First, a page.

“The temple of God” (ton naon tou theou). Elsewhere, Paul consistently applies the “naos” or “sanctuary” of God to the church, NOT to a building in Jerusalem. Note the following:
- (1 Corinthians 3:16-17) – “Know ye not that ye are the temple of God, and that the Spirit of God dwelleth in you? If any man defiles the temple of God, him shall God destroy; for the temple of God is holy, which temple ye are.”
- (1 Corinthians 6:19) – “What? know ye not that your body is the temple of the Holy Ghost which is in you, which ye have of God, and ye are not your own?”
- (2 Corinthians 6:16) – “And what agreement hath the temple of God with idols? for ye are the temple of the living God; as God hath said, I will dwell in them, and walk in them; and I will be their God, and they shall be my people.”
- (Ephesians 2:21) – “In whom all the building fitly framed together grows into a holy temple in the Lord.”
The goal of the “Man of Lawlessness” will be to lead genuine saints into apostatizing from the faith. That is why Paul warns about his appearance in the “sanctuary of God.”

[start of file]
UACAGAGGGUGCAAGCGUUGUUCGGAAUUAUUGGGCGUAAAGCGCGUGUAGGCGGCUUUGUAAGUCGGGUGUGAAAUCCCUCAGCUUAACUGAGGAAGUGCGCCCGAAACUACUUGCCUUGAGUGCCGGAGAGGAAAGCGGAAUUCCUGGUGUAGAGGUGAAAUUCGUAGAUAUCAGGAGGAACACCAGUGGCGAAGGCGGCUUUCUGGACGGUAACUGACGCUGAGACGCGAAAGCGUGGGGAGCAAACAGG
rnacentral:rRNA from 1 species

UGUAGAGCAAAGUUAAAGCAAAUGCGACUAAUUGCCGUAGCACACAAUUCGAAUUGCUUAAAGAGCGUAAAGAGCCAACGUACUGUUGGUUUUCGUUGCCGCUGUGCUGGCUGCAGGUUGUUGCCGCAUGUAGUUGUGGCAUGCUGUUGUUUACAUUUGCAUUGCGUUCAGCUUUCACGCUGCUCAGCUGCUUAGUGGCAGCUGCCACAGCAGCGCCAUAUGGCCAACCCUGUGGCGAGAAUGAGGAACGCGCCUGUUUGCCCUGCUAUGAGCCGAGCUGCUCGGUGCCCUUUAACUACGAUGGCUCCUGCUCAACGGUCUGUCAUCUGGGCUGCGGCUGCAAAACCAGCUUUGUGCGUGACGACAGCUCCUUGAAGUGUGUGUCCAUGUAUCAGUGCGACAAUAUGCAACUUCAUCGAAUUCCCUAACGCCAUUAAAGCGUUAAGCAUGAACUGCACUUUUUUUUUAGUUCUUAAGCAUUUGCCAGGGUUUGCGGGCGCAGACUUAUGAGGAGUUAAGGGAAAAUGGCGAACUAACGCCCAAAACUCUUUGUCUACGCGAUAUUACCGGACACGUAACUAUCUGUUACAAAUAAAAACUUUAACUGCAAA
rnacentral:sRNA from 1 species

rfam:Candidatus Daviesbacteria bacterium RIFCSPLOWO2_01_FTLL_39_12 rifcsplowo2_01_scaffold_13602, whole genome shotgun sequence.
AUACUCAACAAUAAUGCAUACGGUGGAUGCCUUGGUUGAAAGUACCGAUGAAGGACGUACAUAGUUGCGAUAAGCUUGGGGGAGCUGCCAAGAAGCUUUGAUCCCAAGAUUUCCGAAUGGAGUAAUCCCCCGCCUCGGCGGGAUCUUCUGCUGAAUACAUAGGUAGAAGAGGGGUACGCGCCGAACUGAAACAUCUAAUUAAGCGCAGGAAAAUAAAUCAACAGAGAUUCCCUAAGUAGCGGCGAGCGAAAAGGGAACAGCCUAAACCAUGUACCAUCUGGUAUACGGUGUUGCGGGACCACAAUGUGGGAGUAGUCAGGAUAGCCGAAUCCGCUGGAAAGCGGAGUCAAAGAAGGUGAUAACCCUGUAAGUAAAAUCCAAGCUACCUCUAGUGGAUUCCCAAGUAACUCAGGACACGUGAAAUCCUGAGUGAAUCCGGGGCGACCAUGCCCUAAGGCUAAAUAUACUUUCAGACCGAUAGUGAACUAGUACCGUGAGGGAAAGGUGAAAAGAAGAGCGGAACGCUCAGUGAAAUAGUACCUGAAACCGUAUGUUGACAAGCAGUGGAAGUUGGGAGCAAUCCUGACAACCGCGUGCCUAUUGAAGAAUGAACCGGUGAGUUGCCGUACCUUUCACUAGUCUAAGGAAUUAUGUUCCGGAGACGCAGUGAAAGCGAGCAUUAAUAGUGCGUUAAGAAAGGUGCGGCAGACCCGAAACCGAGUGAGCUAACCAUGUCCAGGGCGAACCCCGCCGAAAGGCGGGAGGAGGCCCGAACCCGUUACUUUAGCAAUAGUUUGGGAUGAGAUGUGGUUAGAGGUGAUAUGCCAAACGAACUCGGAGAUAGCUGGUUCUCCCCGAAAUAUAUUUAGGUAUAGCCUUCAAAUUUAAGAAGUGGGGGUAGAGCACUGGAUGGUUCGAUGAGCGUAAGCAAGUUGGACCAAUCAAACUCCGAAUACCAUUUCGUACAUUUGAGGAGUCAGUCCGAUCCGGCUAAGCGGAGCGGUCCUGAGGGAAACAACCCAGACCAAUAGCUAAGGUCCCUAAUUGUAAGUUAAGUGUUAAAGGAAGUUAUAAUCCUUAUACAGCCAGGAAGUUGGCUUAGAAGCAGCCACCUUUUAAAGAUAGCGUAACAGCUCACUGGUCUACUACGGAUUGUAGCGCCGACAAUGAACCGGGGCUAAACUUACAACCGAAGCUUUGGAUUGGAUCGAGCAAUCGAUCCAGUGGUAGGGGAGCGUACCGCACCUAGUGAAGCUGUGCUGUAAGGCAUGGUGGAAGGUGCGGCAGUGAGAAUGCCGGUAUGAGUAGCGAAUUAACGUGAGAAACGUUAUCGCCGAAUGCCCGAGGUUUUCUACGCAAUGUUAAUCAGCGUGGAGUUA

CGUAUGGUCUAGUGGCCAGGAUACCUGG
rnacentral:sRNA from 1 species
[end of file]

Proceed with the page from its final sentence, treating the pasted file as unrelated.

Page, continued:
Next, Paul will describe how this malevolent man will be revealed, and at the appropriate time – The logical outworking of the “mystery of lawlessness” that has been working surreptitiously in human history to prepare the “arrival” of the “Son of Destruction.”
Throughout this discussion, the concern of the Apostle has remained focused on the spiritual well-being of the Christians at Thessalonica – To keep them safe from deceptions about the “arrival” of Jesus and the “Day of the Lord.”